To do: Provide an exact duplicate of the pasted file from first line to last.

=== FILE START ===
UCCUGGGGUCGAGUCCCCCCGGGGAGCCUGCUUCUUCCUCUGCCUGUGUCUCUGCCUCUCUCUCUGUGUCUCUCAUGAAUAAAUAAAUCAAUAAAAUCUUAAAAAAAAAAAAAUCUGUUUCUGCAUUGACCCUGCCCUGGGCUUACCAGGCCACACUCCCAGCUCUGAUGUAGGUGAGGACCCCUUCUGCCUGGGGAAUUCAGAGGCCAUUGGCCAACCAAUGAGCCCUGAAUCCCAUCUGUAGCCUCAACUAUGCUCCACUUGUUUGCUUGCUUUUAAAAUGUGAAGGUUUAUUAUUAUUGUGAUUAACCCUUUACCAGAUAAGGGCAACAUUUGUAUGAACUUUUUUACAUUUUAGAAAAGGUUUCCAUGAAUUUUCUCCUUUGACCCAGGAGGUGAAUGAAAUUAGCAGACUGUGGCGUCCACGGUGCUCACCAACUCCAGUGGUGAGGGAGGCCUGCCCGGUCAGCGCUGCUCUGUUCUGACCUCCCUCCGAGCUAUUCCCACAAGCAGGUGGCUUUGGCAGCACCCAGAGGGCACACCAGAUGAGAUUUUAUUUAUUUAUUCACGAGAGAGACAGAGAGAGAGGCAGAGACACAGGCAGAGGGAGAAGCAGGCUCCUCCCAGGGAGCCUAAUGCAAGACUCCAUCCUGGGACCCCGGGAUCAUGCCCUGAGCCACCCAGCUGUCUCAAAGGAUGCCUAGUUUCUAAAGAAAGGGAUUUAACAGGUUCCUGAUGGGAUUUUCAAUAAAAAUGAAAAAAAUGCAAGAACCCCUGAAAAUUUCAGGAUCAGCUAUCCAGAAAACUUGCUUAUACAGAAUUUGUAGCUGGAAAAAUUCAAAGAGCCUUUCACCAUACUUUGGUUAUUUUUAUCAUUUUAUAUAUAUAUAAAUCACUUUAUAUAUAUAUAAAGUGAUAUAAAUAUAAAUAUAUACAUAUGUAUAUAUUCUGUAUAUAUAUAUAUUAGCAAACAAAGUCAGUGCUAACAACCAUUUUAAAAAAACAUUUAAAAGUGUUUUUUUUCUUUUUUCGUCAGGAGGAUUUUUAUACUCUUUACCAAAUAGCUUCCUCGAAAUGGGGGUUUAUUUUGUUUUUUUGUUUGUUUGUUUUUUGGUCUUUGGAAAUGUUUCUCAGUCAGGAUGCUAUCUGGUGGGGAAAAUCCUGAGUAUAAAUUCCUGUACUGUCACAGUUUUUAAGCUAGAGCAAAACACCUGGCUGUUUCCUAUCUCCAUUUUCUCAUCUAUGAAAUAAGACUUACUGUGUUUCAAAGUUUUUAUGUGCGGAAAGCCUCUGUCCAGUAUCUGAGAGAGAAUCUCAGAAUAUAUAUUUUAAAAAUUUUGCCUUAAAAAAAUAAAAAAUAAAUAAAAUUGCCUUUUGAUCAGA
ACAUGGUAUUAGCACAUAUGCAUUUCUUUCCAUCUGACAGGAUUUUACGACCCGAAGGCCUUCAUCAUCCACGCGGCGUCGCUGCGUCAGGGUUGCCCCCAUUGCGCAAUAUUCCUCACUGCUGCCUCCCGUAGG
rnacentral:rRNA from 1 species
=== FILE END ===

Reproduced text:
UCCUGGGGUCGAGUCCCCCCGGGGAGCCUGCUUCUUCCUCUGCCUGUGUCUCUGCCUCUCUCUCUGUGUCUCUCAUGAAUAAAUAAAUCAAUAAAAUCUUAAAAAAAAAAAAAUCUGUUUCUGCAUUGACCCUGCCCUGGGCUUACCAGGCCACACUCCCAGCUCUGAUGUAGGUGAGGACCCCUUCUGCCUGGGGAAUUCAGAGGCCAUUGGCCAACCAAUGAGCCCUGAAUCCCAUCUGUAGCCUCAACUAUGCUCCACUUGUUUGCUUGCUUUUAAAAUGUGAAGGUUUAUUAUUAUUGUGAUUAACCCUUUACCAGAUAAGGGCAACAUUUGUAUGAACUUUUUUACAUUUUAGAAAAGGUUUCCAUGAAUUUUCUCCUUUGACCCAGGAGGUGAAUGAAAUUAGCAGACUGUGGCGUCCACGGUGCUCACCAACUCCAGUGGUGAGGGAGGCCUGCCCGGUCAGCGCUGCUCUGUUCUGACCUCCCUCCGAGCUAUUCCCACAAGCAGGUGGCUUUGGCAGCACCCAGAGGGCACACCAGAUGAGAUUUUAUUUAUUUAUUCACGAGAGAGACAGAGAGAGAGGCAGAGACACAGGCAGAGGGAGAAGCAGGCUCCUCCCAGGGAGCCUAAUGCAAGACUCCAUCCUGGGACCCCGGGAUCAUGCCCUGAGCCACCCAGCUGUCUCAAAGGAUGCCUAGUUUCUAAAGAAAGGGAUUUAACAGGUUCCUGAUGGGAUUUUCAAUAAAAAUGAAAAAAAUGCAAGAACCCCUGAAAAUUUCAGGAUCAGCUAUCCAGAAAACUUGCUUAUACAGAAUUUGUAGCUGGAAAAAUUCAAAGAGCCUUUCACCAUACUUUGGUUAUUUUUAUCAUUUUAUAUAUAUAUAAAUCACUUUAUAUAUAUAUAAAGUGAUAUAAAUAUAAAUAUAUACAUAUGUAUAUAUUCUGUAUAUAUAUAUAUUAGCAAACAAAGUCAGUGCUAACAACCAUUUUAAAAAAACAUUUAAAAGUGUUUUUUUUCUUUUUUCGUCAGGAGGAUUUUUAUACUCUUUACCAAAUAGCUUCCUCGAAAUGGGGGUUUAUUUUGUUUUUUUGUUUGUUUGUUUUUUGGUCUUUGGAAAUGUUUCUCAGUCAGGAUGCUAUCUGGUGGGGAAAAUCCUGAGUAUAAAUUCCUGUACUGUCACAGUUUUUAAGCUAGAGCAAAACACCUGGCUGUUUCCUAUCUCCAUUUUCUCAUCUAUGAAAUAAGACUUACUGUGUUUCAAAGUUUUUAUGUGCGGAAAGCCUCUGUCCAGUAUCUGAGAGAGAAUCUCAGAAUAUAUAUUUUAAAAAUUUUGCCUUAAAAAAAUAAAAAAUAAAUAAAAUUGCCUUUUGAUCAGA
ACAUGGUAUUAGCACAUAUGCAUUUCUUUCCAUCUGACAGGAUUUUACGACCCGAAGGCCUUCAUCAUCCACGCGGCGUCGCUGCGUCAGGGUUGCCCCCAUUGCGCAAUAUUCCUCACUGCUGCCUCCCGUAGG
rnacentral:rRNA from 1 species